Applying, Guest post
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Elation (And Everything That Came After)

Image: Wonderlane

In my introductory post, I called this entire MFA process my first pancake. It was supposed to be the try that didn’t end in success, my testing of the waters.

Except I got into two of my top choices and wait-listed at another two. Clearly I was happy, right?

Not exactly. Although I did experience great joy when I got those wonderful phone calls and emails, it quickly turned into overwhelming grief. Because I had psyched myself up for disappointment, I didn’t know how to take my acceptances. I had planned ways to make my 2017 applications better and drafted a new list of schools to apply to. Starting school now means

  • I will never apply to Michigan, Wisconsin, Austin or many of the other schools people rave about.
  • I will never know if a SOP that reflected more of my personality would have won more programs over.
  • I will never need to send out the stack of transcripts I have sealed in a box marked “for 2017 applications.”
  • I will never use my dogeared, well-worn “MFA applications” notebook again. I filled it with so many bits of information and hoped to use it again next year to make my applications better.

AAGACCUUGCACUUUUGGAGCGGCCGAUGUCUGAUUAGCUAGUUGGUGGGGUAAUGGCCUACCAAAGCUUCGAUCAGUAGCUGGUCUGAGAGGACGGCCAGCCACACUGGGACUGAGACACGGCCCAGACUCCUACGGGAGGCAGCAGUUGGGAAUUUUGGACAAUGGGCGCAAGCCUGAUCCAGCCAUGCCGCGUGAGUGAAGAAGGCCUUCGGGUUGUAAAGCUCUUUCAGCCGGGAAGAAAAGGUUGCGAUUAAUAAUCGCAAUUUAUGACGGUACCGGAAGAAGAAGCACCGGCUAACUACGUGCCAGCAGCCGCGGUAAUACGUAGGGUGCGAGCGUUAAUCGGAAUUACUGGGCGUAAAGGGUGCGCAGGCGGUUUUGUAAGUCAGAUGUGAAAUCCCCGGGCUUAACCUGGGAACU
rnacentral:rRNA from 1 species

Where do all of these documents “for the next application cycle” go? Where do I go?

If you’re an MFA hopeful (and if you’re reading this, you probably are), you might be ready to throw something at my head. I’m not ungrateful, I just wasn’t prepared for this. I made a post in Draft about it and to my surprise, other people felt the same way. Maybe we’re all so focused on the acceptance, we don’t focus on our post-application state of mind. Maybe we treat acceptance as the goal and don’t focus on the after. Maybe sites like these have us constantly comparing our success to others’ which leads to a lot of regrets. I’m not sure why the blues kick in, but I’m sharing my own grief and anxieties here so you know you’re not alone and that it does get better.

Starting school now means I can finally devote myself to writing, something I’ve been dreaming about for years. And that one reason supersedes all of the others.

Ultimately my choice was a very easy one. After sitting in on a workshop at my top choice, I fell even more in love with the program and sent in my deposit. I will never apply to another school, but that doesn’t matter; I found the program that is right for me. My transcripts will linger in a drawer for a future job use. My notebooks and spreadsheets have passed on to other nontraditional students who, like me, once thought an MFA was beyond their grasp.

I can finally say I’m starting an MFA program this fall and I’m so happy about it.

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